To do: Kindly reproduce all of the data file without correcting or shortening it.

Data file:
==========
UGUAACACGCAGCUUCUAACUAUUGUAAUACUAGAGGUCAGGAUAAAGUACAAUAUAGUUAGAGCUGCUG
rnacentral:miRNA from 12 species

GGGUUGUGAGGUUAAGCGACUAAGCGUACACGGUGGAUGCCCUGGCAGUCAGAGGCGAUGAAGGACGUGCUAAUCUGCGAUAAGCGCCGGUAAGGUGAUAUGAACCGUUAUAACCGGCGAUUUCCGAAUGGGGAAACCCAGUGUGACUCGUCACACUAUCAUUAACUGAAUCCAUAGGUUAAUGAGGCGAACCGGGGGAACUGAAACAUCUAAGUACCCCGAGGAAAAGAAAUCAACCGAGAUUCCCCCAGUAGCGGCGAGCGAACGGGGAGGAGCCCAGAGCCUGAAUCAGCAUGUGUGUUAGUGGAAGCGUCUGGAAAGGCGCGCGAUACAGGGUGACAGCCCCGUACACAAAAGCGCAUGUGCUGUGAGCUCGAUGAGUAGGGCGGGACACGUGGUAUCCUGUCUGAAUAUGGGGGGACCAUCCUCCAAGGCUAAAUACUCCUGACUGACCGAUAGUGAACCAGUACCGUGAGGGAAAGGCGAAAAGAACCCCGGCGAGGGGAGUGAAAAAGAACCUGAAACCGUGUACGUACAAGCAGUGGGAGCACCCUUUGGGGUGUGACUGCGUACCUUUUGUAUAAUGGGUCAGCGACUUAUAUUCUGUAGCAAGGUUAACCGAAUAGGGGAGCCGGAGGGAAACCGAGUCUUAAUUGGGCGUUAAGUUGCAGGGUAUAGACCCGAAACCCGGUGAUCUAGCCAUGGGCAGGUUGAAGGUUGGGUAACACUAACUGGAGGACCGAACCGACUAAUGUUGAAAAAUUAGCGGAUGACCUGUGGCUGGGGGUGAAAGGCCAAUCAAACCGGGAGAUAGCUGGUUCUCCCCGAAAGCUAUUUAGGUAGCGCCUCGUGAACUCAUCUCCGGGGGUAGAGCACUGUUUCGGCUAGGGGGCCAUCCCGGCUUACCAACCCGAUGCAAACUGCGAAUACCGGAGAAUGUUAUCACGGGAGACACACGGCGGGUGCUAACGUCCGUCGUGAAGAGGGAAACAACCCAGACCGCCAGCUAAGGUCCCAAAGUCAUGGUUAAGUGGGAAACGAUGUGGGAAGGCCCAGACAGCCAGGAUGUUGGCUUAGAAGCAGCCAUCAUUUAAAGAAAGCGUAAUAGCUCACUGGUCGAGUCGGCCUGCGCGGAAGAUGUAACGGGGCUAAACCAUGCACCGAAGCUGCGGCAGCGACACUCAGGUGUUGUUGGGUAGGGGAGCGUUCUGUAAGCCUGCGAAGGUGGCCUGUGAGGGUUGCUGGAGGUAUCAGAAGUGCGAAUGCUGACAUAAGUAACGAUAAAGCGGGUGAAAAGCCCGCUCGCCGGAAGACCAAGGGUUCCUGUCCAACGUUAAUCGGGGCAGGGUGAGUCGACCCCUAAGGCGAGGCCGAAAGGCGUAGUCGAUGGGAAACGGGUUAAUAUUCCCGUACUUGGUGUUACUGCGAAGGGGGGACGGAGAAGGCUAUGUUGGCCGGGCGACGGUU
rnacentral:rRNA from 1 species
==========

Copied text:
UGUAACACGCAGCUUCUAACUAUUGUAAUACUAGAGGUCAGGAUAAAGUACAAUAUAGUUAGAGCUGCUG
rnacentral:miRNA from 12 species

GGGUUGUGAGGUUAAGCGACUAAGCGUACACGGUGGAUGCCCUGGCAGUCAGAGGCGAUGAAGGACGUGCUAAUCUGCGAUAAGCGCCGGUAAGGUGAUAUGAACCGUUAUAACCGGCGAUUUCCGAAUGGGGAAACCCAGUGUGACUCGUCACACUAUCAUUAACUGAAUCCAUAGGUUAAUGAGGCGAACCGGGGGAACUGAAACAUCUAAGUACCCCGAGGAAAAGAAAUCAACCGAGAUUCCCCCAGUAGCGGCGAGCGAACGGGGAGGAGCCCAGAGCCUGAAUCAGCAUGUGUGUUAGUGGAAGCGUCUGGAAAGGCGCGCGAUACAGGGUGACAGCCCCGUACACAAAAGCGCAUGUGCUGUGAGCUCGAUGAGUAGGGCGGGACACGUGGUAUCCUGUCUGAAUAUGGGGGGACCAUCCUCCAAGGCUAAAUACUCCUGACUGACCGAUAGUGAACCAGUACCGUGAGGGAAAGGCGAAAAGAACCCCGGCGAGGGGAGUGAAAAAGAACCUGAAACCGUGUACGUACAAGCAGUGGGAGCACCCUUUGGGGUGUGACUGCGUACCUUUUGUAUAAUGGGUCAGCGACUUAUAUUCUGUAGCAAGGUUAACCGAAUAGGGGAGCCGGAGGGAAACCGAGUCUUAAUUGGGCGUUAAGUUGCAGGGUAUAGACCCGAAACCCGGUGAUCUAGCCAUGGGCAGGUUGAAGGUUGGGUAACACUAACUGGAGGACCGAACCGACUAAUGUUGAAAAAUUAGCGGAUGACCUGUGGCUGGGGGUGAAAGGCCAAUCAAACCGGGAGAUAGCUGGUUCUCCCCGAAAGCUAUUUAGGUAGCGCCUCGUGAACUCAUCUCCGGGGGUAGAGCACUGUUUCGGCUAGGGGGCCAUCCCGGCUUACCAACCCGAUGCAAACUGCGAAUACCGGAGAAUGUUAUCACGGGAGACACACGGCGGGUGCUAACGUCCGUCGUGAAGAGGGAAACAACCCAGACCGCCAGCUAAGGUCCCAAAGUCAUGGUUAAGUGGGAAACGAUGUGGGAAGGCCCAGACAGCCAGGAUGUUGGCUUAGAAGCAGCCAUCAUUUAAAGAAAGCGUAAUAGCUCACUGGUCGAGUCGGCCUGCGCGGAAGAUGUAACGGGGCUAAACCAUGCACCGAAGCUGCGGCAGCGACACUCAGGUGUUGUUGGGUAGGGGAGCGUUCUGUAAGCCUGCGAAGGUGGCCUGUGAGGGUUGCUGGAGGUAUCAGAAGUGCGAAUGCUGACAUAAGUAACGAUAAAGCGGGUGAAAAGCCCGCUCGCCGGAAGACCAAGGGUUCCUGUCCAACGUUAAUCGGGGCAGGGUGAGUCGACCCCUAAGGCGAGGCCGAAAGGCGUAGUCGAUGGGAAACGGGUUAAUAUUCCCGUACUUGGUGUUACUGCGAAGGGGGGACGGAGAAGGCUAUGUUGGCCGGGCGACGGUU
rnacentral:rRNA from 1 species